Planning for the Reagan-Gorbachev summit has just begun. The Soviet advance party, which arrived in a blinding snowstorm, is examining the agenda offered by the U.S. side. In their luggage they brought a request for the arrangement of a Gorbachev news conference.
This intriguing item comes from the Soviet Embassy, which is exhibiting more glasnost than the American team headed by Tom Griscom, White House communications director, and Army Lt. Gen. Colin L. Powell, the new national security adviser, who are less accessible.
"It is a strong possibility," said a Soviet press aide. "We are looking at possible sites, the Pension Building or the Convention Center. It will have to be a large place. There will be 4,000 correspondents covering the summit."
The news conference idea suggests that Mikhail Gorbachev wishes to emphasize his difference from previous Bolshevik biggies who would not dream of taking impertinent questions from nosy reporters -- and also to reassert the self-confidence that made two other such meetings, one at the Geneva summit of 1985 and the Reykjavik summit of 1986, such memorable events.
In the preliminaries leading to the summit, Gorbachev somewhat diminished his stature in the West. His sudden postponement jolted admirers in the West and gave an impression of a man who is not master in his own house. He seemed to realize this and promptly rebooked. He has made no secret of his desperate desire to parley on the Strategic Defense Initiative, which the administration refuses to discuss even in terms of technical detail. Whether they blinked or he did is not clear.
A Washington news conference would give him a chance to clear up that mystery and to show his mastery of the details of arms control. It would also a subtle way of one-upping his host. The leader of the free world detests meetings with the news media and avoids them as much as possible.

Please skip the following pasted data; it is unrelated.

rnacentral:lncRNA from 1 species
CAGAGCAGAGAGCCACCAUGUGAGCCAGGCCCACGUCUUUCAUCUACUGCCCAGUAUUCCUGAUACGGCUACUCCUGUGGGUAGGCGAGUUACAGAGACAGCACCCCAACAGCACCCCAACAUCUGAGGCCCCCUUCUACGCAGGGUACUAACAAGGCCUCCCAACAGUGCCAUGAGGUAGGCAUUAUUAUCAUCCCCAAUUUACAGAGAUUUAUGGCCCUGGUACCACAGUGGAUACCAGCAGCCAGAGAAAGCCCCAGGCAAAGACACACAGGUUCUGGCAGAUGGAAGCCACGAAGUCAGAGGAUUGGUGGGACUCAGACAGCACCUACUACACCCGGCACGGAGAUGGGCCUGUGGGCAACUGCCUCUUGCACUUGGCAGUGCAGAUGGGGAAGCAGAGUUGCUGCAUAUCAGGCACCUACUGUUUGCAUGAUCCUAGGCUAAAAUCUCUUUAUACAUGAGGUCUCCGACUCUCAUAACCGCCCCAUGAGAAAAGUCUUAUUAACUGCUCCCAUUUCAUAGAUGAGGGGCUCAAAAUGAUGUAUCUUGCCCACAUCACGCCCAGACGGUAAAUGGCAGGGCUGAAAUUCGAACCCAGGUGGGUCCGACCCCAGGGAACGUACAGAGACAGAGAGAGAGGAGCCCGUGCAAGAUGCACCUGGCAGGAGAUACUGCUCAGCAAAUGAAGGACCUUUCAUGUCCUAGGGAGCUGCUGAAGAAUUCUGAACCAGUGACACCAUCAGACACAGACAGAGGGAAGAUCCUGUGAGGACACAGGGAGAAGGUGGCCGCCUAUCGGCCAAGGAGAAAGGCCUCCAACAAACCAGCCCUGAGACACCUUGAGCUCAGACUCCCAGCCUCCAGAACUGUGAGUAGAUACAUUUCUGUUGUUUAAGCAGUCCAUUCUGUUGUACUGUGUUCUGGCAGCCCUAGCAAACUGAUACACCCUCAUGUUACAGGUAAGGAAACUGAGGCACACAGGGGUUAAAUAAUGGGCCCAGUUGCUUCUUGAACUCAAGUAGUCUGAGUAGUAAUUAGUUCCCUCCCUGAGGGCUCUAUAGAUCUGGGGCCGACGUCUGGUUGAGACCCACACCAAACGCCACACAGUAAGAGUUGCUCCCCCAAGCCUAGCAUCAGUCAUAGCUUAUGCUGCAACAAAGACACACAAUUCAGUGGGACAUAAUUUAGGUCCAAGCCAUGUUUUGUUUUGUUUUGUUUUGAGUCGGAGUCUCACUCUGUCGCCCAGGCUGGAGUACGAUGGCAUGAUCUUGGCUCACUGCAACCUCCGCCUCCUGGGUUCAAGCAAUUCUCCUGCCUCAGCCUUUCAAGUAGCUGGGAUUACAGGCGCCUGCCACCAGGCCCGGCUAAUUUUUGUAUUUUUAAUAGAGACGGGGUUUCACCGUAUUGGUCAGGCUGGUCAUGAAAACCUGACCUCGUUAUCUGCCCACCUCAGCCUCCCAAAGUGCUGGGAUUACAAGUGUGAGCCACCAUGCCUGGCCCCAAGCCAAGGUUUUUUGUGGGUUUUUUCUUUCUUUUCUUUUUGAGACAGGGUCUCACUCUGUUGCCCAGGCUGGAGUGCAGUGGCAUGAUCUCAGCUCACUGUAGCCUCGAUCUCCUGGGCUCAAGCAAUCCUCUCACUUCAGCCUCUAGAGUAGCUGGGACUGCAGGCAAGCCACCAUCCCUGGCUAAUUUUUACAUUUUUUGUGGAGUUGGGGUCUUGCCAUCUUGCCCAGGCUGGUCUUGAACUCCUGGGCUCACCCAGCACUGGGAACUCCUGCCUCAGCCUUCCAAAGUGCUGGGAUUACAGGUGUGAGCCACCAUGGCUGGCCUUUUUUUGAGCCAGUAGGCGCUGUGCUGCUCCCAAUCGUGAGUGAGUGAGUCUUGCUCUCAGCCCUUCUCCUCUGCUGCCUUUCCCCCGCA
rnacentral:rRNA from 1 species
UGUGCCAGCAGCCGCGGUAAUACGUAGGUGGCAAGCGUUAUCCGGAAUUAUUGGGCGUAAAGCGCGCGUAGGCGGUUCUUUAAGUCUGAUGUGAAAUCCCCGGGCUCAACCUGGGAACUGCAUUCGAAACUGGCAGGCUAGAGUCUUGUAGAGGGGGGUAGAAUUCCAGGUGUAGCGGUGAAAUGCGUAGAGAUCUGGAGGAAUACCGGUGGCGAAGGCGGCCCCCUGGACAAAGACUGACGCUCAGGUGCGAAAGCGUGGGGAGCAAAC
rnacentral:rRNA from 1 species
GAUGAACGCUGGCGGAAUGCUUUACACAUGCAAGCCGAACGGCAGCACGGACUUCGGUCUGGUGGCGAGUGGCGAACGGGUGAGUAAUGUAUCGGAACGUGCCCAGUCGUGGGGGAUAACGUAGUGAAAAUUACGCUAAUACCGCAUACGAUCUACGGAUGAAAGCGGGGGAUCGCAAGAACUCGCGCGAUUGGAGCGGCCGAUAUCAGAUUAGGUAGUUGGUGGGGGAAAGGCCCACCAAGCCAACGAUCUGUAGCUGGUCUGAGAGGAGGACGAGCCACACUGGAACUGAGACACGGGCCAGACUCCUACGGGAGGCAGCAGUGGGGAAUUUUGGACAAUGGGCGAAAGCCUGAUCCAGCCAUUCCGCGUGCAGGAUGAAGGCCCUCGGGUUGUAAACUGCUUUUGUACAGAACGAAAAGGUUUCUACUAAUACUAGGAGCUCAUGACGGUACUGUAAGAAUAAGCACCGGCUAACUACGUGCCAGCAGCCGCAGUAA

Gorbachev served notice in his address to the 70th anniversary Communist Party gathering in Moscow that he will not settle for ceremony. The signing of the minimal intermediate-range nuclear forces (INF) treaty will not be enough.
"In this critical period, the world expects the third and fourth Soviet-U.S. summit to produce more than merely an official acknowledgment of the decision agreed upon a year ago, and more than merely a continuation of the discussion. The growing danger that weapons may be perfected to a point where they will become uncontrollable is urging us to waste no time," he said.
He has indicated he wishes to speak to the Senate about ratification of the INF treaty. He is said to be apprehensive that it might not be ratified -- he could easily have concluded that after listening to the GOP candidates' debate, at which only Vice President Bush said aye. Secretary of State George P. Shultz, exhorting Democrats at a recent private meeting to support the pact, was told by Sen. Dale Bumpers (D-Ark.) that if the administration can round up 17 Republican votes, it should pass 75 to 25.
Gorbachev has made it clear that he does not want to be a straight man for the president in a coast-to-coast photo-opportunity to be climaxed by a visit to the Reagans' mountaintop ranch. He wants to avoid the panorama of endless productivity, which contrasts so dramatically with Soviet shortages. Soviets are willing to stipulate that we are superior in the delivery of goods and services -- with the unarguable exception of our ability to deal with snow in the nation's capitol -- and Gorbachev seems to want more to bargain than to gaze.
If, in the end, he confines himself to Washington, a city much put down by his host and other conservative inhabitants, the standard tour of our national shrines might be just the ticket. The Lincoln Memorial, the Jefferson Memorial, Mount Vernon, all speak to the fact that we are not the running dogs of capitalism of Kremlin rhetoric but a nation founded on ideas and ideals. At the National Archives, he should be read a few paragraphs from the Declaration of Independence, which would tell him about our youthful, angry, high-hearted revolutionary beginnings. The Preamble to the Constitution would give him something to think about.
One addition to the classic itinerary might be made: the Vietnam Wall. This has become the country's greatest folk-monument, loved and wept over more than any statuary within our borders. It declares in black granite that when you fight silly wars with small, stubborn nations, you only kill young men. For a leader mired down in an endless war with Afghan rebels, the sight of it would be more salutary than anything President Reagan or anyone else could say to him on the subject.